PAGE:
There are other indications of a differential selection bias for the two milder tactics compared to the other corrective actions. Sending children to their room, for example, was probably selected for milder behavior problems than was the typical case for grounding. Sending children to their room was the most frequently used tactics, grounding the least used. Sending children to their room had smaller correlations with antisocial behavior in 1990 and 1988 than did grounding, although the difference was smaller for 1988 antisocial behavior. The most important evidence of a differential selection bias is that all significant effects disappeared after controlling for a latent variable for externalizing behavior problems, which maximized the comprehensiveness, validity, and reliability of the covariate.
In sum, the apparently adverse effects of all these disciplinary tactics and psychotherapy seem to be due to selection biases that are stronger for spanking, grounding, and psychotherapy than they are for the two milder disciplinary tactics. Accordingly, the originally adverse effects of spanking replicate for grounding and psychotherapy and are marginally adverse for sending children to their room (Table 5). Across all analyses, grounding and psychotherapy showed as many significantly adverse effects as spanking. The adverse effects of all of these corrective actions became smaller and non-significant when the adequacy of the covariate for pre-existing antisocial behavior was improved.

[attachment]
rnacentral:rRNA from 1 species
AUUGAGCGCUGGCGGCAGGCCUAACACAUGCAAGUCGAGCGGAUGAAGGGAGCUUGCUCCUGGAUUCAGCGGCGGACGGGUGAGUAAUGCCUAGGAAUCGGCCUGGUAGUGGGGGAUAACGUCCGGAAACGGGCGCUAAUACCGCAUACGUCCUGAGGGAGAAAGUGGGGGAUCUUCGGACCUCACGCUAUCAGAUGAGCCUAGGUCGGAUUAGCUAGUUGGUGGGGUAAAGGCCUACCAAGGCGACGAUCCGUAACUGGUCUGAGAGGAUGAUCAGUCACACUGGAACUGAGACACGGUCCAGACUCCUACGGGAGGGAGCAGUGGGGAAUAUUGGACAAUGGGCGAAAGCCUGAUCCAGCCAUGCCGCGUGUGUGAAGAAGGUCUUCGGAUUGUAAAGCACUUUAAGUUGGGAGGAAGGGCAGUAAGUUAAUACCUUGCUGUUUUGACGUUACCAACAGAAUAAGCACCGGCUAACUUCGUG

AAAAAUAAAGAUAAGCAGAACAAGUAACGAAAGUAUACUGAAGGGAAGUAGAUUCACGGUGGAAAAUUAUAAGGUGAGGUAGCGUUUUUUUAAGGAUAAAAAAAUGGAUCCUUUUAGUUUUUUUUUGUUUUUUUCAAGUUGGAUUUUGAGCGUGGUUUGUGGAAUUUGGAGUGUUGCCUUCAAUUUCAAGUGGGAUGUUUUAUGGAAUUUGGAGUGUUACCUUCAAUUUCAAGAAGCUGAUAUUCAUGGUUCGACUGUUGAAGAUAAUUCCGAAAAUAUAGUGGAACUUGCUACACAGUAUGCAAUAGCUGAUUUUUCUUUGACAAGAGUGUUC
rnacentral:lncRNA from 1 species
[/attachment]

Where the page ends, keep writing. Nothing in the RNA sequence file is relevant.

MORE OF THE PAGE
The general failure of spanking to show more adverse effects than grounding and psychotherapy in our closest re-analyses in Table 5 is remarkable because the original study produced the largest estimate of an adverse causal effect for customary spanking to date. First, the unadjusted longitudinal correlation in this cohort was larger than Gershoff's  average for longitudinal studies of corporal punishment and antisocial outcomes (d = .56 [r = .27] compared to a mean of d = .37 [r = .18]). Second, this cohort had the largest longitudinal correlation between spanking and subsequent antisocial behavior out of the five NLSY cohorts considered by Straus et al. Third, the Straus et al. study had stronger and more consistent causal evidence against spanking than any of the other six prospective studies that have predicted antisocial behavior from customary spanking of children under the age of 13. Therefore the generally similar outcomes for grounding, psychotherapy, and spanking are not due to selecting a sample with a weak effect for spanking.